And the Youth Center in 2008 as it was being readied for a new tenant, the Trinity School:

William Alexander Youth Center, now







Sadly, the heartbreak wasn’t over for the congregation.  Just a year after the dedication of the Youth Center, the church’s beloved grandfather, Don Sheridan, died after a two-year battle with cancer.  According to the Centenniel Book, “The love which came from his relationship with God spilled over and touched thousands of other lives.  He wanted no lengthy or grand eulogies and yet many, myriad words could be spoken in response to his life.  A void was created which was deeply felt by those who knew and loved him, but his ministry continued in the lives of all he touched.  His wisdom was sought.  His love was given.  His life was poured out for all of First Christian.”  The two friends sit side by side in the library today:


In 1965, a memorial was dedicated to this beloved minister — here is a photo of Sheridan’s family next to the memorial after the dedication:

don sheridan memorial -5-9-65 by leland lash jr

Love the finned Caddy in the background!

Soon after Sheridan’s death, the church was rocked again when MacGowan left for a pastorate in St. Louis.  Perhaps the pressure to fill Alexander’s giant shoes was just too much for him….  He was replaced by James Clayton Pippin.  During Pippin’s tenure, the Oklahoma Disciples Center, which was designed by Fred Pojezny and built in 1964, completed the First Christian Church campus:

Oklahoma Disciples Center - Pojezny - rendering

The Disciples Center today:


In 1970 as an answer to the new busing mandates, Heritage Hall first opened its doors in rented space on the First Christian Church campus.  It was a controversial move and resulted in several protests and the church being censured in a regional gathering of the denomination, according to the Centennial Book.

Pippin resigned as head minister in 1972.  After a decade of loss and many changes, Bill Alexander’s son, Don took over the pulpit and settled in for a reign that lasted three decades.  His steady leadership and affable personality brought many new members to the lively church.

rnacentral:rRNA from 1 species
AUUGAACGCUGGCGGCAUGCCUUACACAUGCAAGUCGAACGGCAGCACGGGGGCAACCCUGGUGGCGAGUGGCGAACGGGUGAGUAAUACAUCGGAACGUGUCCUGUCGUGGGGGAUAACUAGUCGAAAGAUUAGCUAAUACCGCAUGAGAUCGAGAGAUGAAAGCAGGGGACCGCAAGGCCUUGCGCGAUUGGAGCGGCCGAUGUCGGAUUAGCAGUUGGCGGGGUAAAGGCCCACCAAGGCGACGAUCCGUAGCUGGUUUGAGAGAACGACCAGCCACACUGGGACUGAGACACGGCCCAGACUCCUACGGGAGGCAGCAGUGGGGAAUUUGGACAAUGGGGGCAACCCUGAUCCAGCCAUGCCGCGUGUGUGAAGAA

As for the church itself, Pojezny made changes to the sanctuary in the 1960s to improve the acoustics…




and updated the chapel, now renamed the Replogle Chapel in honor of a church member, in 1978.  He added a stunning stained glass wall behind the pulpit and comfy theater seating.  Here’s a rendering of the stained glass window Pojezny designed:


The chapel stained glass now:


For years, the First Christian Church remained a vital part of our community doing such things as sponsoring one of the city’s first Mother’s Day Out programs, hosting countless productions at the Jewel Box Theatre, and opening its doors to victims’ families, survivors, and other mourners after the Oklahoma City Bombing.  On the 20th anniversary of the bombing, the Oklahoma Gazette interviewed Don Alexander about that tragic time and the role the church played in helping the community — it’s a very interesting and heartfelt article and you can read it here.

But, after Don Alexander’s sudden departure in 2002, a slew of ministers took over the helm and the congregation fled in droves, leaving just a few stalwart elderly members behind.  By 2013, the aging, increasingly diminishing, and even crotchety congregation was on its last legs.

That’s when Pastors John Malget and Michael Canada came on board and vowed to revitalize the church in a way that Bill Alexander would surely approve.  The two energetic men have enthusiastically reinvented the congregation as the Restoration Church and are working, much as Alexander did back in that small and failing church in Stroud, to entice young and old alike to join in on the Sunday fun and create a new “church of tomorrow.”


The First Christian church in its new incarnation as the Restoration Church

Here’s to their success and to the First Christian/Restoration Church living on for decades to come.

I’d like to thank Pastors John Malget and Michael Canada for allowing me to borrow several items from the First Christian Church archives to scan and share with the Mod Squad.  I’m still scanning images and documents from the church’s rich history and will share them with you soon.